Irish Women’s Fiction of the Twentieth Century: The Importance of Being Catholic

Authors

  • Vesna Ukić Košta University of Zadar

DOI:

https://doi.org/10.4312/elope.11.2.51-63

Keywords:

Irish women’s fiction, Catholicism, censorship, religious ideology, authority

Abstract

This paper explores the ways in which some of the best and most representative Irish women fiction writers of the twentieth century responded to the exigencies of Catholicism in their selected works. It also attempts to demonstrate how the treatment of Catholicism in Irish women’s fiction changed throughout the century. The body of texts that are examined in the paper span almost seventy years, from the early years of the independent Irish state to the turn-of-the-century Ireland, during which time both Irish society and the Irish Catholic Church underwent fundamental changes. How these authors tackle the relationship between the dominant religion and the shaping of woman’s identity, how they see the role of woman within the confines of Irish Catholicism, and to what extent their novels mirror the period in which they are written are the main issues which lie in the focus of the paper.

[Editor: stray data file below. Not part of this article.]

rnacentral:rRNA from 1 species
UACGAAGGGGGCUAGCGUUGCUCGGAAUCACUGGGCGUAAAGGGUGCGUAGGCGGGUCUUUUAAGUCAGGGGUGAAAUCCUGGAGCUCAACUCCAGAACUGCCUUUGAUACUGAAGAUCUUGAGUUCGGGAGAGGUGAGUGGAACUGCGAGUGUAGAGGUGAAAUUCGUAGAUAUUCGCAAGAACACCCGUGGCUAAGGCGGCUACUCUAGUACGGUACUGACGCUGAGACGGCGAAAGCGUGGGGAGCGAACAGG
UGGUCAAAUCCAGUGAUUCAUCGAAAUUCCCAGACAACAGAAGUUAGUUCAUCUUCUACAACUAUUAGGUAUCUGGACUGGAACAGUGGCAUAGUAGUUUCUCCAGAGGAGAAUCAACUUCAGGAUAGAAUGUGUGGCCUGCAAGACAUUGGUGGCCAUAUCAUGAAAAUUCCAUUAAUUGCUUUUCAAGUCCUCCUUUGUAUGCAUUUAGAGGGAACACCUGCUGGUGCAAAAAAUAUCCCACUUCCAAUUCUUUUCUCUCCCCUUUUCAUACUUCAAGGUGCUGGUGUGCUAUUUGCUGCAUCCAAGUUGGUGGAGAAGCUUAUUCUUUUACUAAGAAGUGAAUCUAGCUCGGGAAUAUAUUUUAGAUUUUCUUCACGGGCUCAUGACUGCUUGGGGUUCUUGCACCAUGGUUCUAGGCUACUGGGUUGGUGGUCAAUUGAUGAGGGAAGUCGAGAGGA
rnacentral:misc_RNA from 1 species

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Published

08.05.2014

How to Cite

Ukić Košta, V. (2014). Irish Women’s Fiction of the Twentieth Century: The Importance of Being Catholic. ELOPE: English Language Overseas Perspectives and Enquiries, 11(2), 51–63. https://doi.org/10.4312/elope.11.2.51-63